Format: DVD Verified Purchase
If one understands -- and accepts -- that Stefan Herheim's interpretation is centred on flashbacks wherein a much older and wiser Tatiana and Onegin look back, then it leads to a richer perspective. In many ways he took the opera's libretto and interpreted it more in keeping with Pushkin's poetic novel. Onegin is on stage for almost all of the opera, and seemingly tries to mitigate his actions and at times is quite distressed at what he has done. The scene of Tatiana reacting to Onegin turning off a younger version of herself is much more touching than as it is usually played realistically. The same could be said about the letter scene where Onegin is writing the letter while Tatiana dictates, as it were. After all, the music is the same in the final scene when Onegin goes through what Tatiana went through.'

I have some reservations about the Balls in the second and third acts. Herheim tries to do too much, apparently tying in Russian history, culture and science with the costuming of the chorus. It doesn't really work and distracts somewhat from the main drama. It is however entertaining and is not enough to take away a star from my assessment.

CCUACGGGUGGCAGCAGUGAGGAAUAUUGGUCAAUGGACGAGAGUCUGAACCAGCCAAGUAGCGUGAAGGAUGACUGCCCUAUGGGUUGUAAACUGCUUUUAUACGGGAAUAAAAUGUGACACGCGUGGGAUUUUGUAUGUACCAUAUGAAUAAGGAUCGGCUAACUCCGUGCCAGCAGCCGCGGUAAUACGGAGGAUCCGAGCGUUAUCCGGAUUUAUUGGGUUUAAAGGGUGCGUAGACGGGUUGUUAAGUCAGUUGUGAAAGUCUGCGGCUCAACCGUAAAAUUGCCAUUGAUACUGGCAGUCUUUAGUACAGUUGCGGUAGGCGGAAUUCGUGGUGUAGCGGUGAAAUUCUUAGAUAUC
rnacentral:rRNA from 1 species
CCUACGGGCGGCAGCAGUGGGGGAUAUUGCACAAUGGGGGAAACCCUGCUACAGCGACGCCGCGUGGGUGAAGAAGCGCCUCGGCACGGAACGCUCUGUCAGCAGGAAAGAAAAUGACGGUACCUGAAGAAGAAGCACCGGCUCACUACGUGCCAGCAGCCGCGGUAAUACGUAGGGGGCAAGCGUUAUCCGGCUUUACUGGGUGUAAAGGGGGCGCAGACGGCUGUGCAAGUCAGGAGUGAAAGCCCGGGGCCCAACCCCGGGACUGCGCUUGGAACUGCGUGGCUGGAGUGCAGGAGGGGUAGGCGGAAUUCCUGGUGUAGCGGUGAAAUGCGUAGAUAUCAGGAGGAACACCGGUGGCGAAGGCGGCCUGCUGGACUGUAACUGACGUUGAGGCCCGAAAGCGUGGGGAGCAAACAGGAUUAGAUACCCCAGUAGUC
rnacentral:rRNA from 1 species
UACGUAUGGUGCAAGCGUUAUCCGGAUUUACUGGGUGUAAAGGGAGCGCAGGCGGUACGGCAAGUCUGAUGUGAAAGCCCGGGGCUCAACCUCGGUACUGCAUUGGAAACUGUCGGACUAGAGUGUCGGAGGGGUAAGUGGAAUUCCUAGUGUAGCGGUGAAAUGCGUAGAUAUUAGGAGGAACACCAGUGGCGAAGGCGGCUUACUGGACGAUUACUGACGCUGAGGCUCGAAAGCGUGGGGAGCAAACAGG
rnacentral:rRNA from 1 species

Bo Skovhus and Krassimira Stoyanova look too old for their ages mentioned in the libretto, but they bring a wealth of experience to their musical interpretation and acting. Their ages can easily be rationalised by postulating that Onegin has been away for considerably more than two years.

Of all the productions of Eugene Onegin I have seen, I would rank this one as the best from the musical and acting dimensions. I gather from the documentary that conductor Maris Jansons had reservations about the directorial interpretation.